|by Joe Leo, Columnist||March 27, 2007|
COMMENTARY: (3.27.07)-- Last week we told you about a school in the San Francisco Bay Area that was using Apple technology to connect with students, enabling them to stay in school while not physically being there. By coincidence, on the same day that TV news story aired, Intel announced in a press release that, "...Intel-powered classmate PCs are shipping in volume to emerging markets."
Just what is a "classmate PC" and what's the significance here? First, it kind of connects to our story based on the NBC11 News report that showed how with an iBook laptop, an iSight camera, and iChat AV software, students were able to stay connected with their academics even if they were ill at home. [SEE RELATED ARTICLE]
Most of us know that Apple and education kind of go hand-in-hand. What student hasn't gone through school without ever having been exposed to a Macintosh computer in the school environment and then goes home to a Windows-based PC when they're away from the educational setting? Very few.
Second? It further adds to the credibility of a possible 12" ultra-portable--the return of one in better form--from Apple Inc. But let's get back to the main story at hand. News of this new Intel "classmate PC."
"The Intel-powered classmate PC supports collaborative learning environments primarily for K-12 schools and is part of Intel's on-going commitment and dedication to equip children around the world with technology that will help advance learning and development."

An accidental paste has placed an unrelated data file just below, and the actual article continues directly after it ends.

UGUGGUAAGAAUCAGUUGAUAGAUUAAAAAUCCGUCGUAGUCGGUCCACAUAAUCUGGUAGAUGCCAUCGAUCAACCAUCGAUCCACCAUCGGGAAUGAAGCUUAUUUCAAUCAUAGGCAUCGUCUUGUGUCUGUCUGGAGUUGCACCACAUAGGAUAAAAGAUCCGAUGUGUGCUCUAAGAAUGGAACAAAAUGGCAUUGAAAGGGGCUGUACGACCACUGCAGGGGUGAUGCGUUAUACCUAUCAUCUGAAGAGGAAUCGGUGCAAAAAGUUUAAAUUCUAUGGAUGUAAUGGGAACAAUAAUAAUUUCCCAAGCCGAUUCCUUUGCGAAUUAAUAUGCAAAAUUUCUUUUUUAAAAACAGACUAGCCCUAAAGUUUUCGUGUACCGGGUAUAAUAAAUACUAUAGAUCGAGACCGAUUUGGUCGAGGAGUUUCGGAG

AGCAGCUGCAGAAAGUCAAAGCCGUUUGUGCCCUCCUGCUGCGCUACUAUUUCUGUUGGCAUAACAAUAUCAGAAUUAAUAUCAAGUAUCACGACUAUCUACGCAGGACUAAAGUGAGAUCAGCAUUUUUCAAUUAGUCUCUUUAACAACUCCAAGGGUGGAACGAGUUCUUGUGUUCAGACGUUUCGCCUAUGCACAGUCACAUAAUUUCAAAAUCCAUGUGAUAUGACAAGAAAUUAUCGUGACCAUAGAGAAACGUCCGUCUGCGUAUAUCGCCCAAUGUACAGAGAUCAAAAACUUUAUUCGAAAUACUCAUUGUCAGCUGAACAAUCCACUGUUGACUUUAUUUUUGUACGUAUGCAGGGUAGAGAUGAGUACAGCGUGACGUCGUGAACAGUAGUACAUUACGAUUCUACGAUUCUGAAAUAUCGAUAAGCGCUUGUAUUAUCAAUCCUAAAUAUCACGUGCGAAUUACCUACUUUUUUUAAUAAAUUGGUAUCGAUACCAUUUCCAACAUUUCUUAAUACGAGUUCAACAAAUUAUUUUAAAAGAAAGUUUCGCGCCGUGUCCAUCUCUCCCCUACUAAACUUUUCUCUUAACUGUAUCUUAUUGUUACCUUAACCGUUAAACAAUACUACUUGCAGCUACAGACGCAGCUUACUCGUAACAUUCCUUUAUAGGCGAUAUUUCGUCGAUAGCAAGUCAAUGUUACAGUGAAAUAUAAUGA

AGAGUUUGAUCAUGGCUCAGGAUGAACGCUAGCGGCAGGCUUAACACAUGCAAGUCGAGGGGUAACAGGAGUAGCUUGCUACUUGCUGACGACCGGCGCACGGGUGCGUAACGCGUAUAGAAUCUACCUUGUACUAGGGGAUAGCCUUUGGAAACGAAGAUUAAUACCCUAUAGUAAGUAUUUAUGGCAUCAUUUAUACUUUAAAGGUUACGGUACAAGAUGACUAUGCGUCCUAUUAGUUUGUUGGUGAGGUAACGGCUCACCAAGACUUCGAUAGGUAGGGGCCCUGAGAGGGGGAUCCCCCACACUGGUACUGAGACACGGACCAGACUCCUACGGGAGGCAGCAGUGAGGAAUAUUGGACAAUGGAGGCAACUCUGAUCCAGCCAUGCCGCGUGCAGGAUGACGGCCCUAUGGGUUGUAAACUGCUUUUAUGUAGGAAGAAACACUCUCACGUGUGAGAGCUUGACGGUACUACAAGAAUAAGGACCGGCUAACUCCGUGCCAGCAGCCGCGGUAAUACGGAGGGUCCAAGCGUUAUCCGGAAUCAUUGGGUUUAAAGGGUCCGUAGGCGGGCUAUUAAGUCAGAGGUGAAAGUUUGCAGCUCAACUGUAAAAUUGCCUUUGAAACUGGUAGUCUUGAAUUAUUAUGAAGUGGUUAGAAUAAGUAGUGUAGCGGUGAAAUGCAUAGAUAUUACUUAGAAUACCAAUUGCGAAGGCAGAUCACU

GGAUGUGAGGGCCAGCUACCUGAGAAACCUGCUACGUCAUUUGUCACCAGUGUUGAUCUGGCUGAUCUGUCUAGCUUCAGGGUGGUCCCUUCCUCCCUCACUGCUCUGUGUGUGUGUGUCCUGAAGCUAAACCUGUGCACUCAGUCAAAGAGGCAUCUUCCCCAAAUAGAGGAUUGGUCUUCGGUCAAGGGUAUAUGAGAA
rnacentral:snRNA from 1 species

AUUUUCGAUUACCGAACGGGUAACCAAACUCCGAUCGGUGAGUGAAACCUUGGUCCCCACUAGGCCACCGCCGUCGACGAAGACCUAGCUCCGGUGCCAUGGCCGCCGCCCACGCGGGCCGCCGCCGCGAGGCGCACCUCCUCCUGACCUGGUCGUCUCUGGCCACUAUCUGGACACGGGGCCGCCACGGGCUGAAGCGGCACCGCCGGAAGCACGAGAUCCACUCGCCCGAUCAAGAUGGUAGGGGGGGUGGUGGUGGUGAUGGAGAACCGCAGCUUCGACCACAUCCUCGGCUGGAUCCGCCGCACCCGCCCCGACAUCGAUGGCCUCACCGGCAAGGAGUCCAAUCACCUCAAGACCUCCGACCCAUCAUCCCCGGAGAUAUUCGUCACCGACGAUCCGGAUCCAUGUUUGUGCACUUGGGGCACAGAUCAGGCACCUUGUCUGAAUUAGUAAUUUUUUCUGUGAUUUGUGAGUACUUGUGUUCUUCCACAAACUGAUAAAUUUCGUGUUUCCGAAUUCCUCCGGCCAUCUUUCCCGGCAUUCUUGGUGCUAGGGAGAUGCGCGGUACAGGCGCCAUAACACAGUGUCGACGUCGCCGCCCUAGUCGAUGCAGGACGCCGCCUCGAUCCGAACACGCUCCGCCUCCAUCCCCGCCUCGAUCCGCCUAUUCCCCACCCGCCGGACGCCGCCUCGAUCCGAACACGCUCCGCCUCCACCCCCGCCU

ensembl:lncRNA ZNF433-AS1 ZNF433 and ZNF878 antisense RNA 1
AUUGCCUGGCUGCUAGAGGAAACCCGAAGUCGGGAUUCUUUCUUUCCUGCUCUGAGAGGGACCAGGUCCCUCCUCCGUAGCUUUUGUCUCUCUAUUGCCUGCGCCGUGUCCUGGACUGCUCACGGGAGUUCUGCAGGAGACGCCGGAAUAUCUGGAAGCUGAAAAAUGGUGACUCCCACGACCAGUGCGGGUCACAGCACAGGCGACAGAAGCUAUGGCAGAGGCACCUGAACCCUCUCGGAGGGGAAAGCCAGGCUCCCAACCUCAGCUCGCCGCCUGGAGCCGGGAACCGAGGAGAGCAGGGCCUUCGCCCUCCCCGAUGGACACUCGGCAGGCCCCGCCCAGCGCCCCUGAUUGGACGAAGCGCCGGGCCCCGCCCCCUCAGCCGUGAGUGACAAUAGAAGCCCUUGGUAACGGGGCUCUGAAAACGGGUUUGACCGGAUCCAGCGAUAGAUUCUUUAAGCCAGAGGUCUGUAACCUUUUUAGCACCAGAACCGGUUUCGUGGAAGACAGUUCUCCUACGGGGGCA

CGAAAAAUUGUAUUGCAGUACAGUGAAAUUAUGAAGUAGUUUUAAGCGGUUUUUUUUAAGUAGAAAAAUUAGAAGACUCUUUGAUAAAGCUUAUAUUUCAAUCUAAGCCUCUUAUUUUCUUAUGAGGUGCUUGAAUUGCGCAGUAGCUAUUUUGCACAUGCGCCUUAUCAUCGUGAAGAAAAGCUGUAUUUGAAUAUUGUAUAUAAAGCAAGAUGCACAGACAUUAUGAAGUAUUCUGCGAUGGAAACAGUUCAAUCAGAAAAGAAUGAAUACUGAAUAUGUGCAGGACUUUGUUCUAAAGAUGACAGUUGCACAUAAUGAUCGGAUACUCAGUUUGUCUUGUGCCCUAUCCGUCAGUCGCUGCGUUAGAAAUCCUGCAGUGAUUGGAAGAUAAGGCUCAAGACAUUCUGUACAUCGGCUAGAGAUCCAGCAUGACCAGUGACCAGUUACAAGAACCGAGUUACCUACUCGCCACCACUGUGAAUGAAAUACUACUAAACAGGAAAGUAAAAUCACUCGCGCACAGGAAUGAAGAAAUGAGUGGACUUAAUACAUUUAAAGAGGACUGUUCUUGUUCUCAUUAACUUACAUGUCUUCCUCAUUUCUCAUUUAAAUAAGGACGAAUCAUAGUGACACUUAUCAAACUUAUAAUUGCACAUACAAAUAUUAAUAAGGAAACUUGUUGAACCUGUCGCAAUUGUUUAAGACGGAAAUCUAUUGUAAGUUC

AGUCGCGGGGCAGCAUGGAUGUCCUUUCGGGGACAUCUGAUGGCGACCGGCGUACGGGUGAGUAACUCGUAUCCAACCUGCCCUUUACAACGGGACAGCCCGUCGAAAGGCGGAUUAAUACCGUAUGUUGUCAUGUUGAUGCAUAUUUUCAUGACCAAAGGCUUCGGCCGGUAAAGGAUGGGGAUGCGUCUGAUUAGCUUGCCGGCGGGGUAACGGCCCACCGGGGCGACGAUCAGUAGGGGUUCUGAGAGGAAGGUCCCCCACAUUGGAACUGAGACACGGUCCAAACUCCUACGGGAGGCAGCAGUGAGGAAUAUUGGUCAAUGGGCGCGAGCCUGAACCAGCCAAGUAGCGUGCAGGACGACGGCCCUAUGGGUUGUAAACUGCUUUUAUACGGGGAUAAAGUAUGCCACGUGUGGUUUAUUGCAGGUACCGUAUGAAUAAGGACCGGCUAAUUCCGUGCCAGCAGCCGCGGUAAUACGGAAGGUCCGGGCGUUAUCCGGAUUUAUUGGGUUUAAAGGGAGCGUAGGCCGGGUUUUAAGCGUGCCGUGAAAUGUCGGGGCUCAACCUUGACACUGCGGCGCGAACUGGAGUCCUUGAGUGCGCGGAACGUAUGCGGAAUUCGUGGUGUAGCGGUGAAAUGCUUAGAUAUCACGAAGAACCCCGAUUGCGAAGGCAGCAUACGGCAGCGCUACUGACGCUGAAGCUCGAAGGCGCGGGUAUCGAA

Does that kind of smell like a bushel of apples to you? You'd think that statement was coming from Cupertino themselves.
The press release further states that, "The Intel-powered classmate PC is part of the Intel World Ahead Program to tap the combined power of technology, curriculum and teachers to improve education in developing countries."
Intel says they will be working with those countries to provide access to the World Wide Web, give educators professional training on how to better use and incorporate technology into learning, and through technology, enhance the teaching and learning of math and science.
Intel's vice president for sales and marketing, Willy Agatstein says in that press release, " 'Intel has a long history of supporting education initiatives driven by the belief that technology can open the world's opportunities for students.' "
He adds, " 'Our goal is to provide students with the 21st-century skills they need... to help ensure that they're prepared to succeed in the knowledge-based economy. We expect Intel-powered classmate PCs to be an important device to help in education as well.' "
Sounds like God himself, uh, Steve Jobs talking. But what's a "classmate PC" already?
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